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View Diary: James O'Keefe to Pay $100K Settlement to Former Acorn Employee (152 comments)

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  •  In your case, (0+ / 0-)

    the employer should fire you for charging personal items on their credit card. They're being nice if they're just adding it to your income.

    In the O'Keefe case, "should" is the operative word in your last sentence. I don't know tax law well enough to know how tax on gifts works, but even if the benefactor gave the money to O'Keefe, it would be considered a gift, not income. If paid directly to Mr. Vera, it wouldn't impact O'Keefe's filing at all.

    •  from the irs.gov (0+ / 0-)
      In general, if you are liable for a debt that is canceled, forgiven, or discharged, you will receive a Form 1099-C (PDF), Cancellation of Debt, and must include the canceled amount in gross income unless you meet an exclusion or exception. If you receive a Form 1099-C but the creditor is continuing to try to collect the debt, then the debt has not been cancelled and you do not have taxable cancellation of debt income.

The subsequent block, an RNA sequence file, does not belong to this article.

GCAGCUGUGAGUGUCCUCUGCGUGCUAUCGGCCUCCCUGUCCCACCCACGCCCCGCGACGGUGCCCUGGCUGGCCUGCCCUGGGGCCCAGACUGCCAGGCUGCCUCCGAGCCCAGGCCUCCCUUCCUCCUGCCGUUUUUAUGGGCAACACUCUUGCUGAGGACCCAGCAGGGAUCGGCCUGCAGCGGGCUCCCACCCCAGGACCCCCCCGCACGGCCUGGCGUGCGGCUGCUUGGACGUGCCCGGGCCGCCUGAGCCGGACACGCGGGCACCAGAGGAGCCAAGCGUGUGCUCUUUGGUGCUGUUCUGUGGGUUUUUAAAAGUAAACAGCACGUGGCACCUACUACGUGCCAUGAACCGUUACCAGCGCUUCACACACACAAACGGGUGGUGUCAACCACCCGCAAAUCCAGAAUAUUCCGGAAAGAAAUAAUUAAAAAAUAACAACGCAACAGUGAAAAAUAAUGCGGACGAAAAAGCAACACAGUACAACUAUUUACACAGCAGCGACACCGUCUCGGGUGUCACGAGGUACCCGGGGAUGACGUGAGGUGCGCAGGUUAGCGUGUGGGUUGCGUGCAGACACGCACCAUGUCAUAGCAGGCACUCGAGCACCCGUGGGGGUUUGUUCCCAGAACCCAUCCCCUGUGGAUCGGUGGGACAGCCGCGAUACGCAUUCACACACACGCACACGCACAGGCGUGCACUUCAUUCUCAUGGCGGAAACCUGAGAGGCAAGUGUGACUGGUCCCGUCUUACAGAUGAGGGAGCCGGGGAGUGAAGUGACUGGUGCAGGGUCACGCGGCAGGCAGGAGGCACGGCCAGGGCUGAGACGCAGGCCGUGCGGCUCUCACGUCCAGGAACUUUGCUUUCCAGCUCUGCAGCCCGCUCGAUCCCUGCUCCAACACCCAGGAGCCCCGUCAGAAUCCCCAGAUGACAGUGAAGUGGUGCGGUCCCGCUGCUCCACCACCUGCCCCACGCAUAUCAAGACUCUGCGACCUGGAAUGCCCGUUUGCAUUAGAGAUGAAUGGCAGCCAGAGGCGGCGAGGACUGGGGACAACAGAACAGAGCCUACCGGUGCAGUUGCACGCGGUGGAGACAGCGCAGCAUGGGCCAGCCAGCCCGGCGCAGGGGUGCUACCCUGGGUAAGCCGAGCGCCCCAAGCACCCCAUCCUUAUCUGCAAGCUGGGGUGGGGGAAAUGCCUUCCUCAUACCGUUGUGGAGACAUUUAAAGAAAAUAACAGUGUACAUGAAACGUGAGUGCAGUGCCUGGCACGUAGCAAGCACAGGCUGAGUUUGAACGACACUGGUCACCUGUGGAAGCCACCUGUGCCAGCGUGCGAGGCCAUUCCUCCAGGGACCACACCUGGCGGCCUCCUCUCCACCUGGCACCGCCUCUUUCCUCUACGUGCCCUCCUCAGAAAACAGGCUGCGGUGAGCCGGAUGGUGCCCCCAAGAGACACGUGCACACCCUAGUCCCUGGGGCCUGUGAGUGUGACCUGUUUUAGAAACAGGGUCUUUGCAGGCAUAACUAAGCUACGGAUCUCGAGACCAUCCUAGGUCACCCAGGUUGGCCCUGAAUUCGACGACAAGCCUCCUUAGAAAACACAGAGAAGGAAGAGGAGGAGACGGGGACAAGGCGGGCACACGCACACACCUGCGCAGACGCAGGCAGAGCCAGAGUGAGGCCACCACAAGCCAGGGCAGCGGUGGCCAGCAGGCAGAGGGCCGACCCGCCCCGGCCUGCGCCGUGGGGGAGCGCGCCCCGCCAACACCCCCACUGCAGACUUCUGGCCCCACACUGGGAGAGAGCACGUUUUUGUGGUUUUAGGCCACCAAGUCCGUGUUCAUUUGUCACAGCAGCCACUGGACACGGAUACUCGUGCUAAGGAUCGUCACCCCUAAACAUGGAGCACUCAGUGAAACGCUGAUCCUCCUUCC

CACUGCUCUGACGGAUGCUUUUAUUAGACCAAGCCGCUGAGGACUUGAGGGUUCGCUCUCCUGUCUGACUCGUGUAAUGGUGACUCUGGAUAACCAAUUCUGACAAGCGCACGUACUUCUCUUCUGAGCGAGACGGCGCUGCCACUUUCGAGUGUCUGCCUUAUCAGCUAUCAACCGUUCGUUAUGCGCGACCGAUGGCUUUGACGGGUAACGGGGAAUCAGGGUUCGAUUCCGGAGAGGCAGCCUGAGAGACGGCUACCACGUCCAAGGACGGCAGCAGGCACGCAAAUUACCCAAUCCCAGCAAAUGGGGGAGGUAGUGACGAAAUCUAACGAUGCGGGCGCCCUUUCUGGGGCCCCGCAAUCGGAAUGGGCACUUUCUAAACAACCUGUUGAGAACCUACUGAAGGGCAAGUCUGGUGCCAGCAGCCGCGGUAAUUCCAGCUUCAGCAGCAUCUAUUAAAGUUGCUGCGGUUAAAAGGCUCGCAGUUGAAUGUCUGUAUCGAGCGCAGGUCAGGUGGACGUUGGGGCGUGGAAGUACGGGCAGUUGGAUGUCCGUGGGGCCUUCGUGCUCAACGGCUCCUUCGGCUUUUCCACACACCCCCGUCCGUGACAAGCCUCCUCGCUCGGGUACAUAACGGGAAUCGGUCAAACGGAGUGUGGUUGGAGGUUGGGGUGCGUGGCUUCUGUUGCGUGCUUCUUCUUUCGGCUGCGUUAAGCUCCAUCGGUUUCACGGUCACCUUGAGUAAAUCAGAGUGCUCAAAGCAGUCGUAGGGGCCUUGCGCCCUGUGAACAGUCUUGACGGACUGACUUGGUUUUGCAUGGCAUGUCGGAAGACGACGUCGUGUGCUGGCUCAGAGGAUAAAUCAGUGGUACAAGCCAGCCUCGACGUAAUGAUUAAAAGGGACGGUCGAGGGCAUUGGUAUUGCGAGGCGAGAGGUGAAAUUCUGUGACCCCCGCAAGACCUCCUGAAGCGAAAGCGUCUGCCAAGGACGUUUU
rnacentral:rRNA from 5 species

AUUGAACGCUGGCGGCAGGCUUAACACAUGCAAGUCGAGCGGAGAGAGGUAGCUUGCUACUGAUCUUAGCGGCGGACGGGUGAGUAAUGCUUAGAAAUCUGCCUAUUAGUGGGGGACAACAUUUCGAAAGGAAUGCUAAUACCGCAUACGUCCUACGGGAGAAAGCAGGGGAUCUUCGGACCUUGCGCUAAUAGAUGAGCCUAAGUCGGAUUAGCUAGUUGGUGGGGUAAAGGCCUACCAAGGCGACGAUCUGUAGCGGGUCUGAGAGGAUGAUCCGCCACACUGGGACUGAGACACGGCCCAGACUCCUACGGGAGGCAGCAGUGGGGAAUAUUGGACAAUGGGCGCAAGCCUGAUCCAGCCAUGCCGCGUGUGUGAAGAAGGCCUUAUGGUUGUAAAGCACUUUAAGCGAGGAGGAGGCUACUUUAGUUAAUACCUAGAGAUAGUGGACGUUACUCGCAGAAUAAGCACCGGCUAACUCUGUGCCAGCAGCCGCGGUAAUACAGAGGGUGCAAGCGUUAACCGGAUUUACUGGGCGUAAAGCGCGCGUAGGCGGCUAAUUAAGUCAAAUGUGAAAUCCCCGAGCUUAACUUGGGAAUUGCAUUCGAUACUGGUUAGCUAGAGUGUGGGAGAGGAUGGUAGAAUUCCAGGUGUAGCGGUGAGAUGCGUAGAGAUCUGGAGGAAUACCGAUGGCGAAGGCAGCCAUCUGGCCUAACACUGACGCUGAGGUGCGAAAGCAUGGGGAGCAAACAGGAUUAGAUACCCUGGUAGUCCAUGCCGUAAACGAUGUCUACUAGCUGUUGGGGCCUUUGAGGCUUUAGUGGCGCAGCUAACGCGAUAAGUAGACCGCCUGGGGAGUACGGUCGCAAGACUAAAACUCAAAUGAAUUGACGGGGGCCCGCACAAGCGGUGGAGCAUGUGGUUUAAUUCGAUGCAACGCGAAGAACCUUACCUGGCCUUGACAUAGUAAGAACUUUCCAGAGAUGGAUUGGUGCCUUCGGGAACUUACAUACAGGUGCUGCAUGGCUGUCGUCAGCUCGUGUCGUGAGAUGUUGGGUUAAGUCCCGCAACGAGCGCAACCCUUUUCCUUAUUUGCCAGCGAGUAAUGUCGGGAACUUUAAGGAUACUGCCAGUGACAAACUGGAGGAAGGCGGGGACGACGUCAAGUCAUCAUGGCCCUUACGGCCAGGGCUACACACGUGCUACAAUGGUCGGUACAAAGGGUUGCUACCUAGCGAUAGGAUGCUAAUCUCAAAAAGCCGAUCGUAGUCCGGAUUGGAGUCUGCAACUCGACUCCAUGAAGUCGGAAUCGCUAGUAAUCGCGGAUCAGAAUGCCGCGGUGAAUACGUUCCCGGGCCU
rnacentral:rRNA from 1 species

There are exceptions, in particular for certain mortgage debt during the foreclosure crisis, but otherwise if someone pays a debt for you it is indeed income for you whether it passes through your hands first or not.

      They don't fire you for charging non-allowable business expenses on the corporate card; they just make you pay them. Now if you do not pay them, that's another story!

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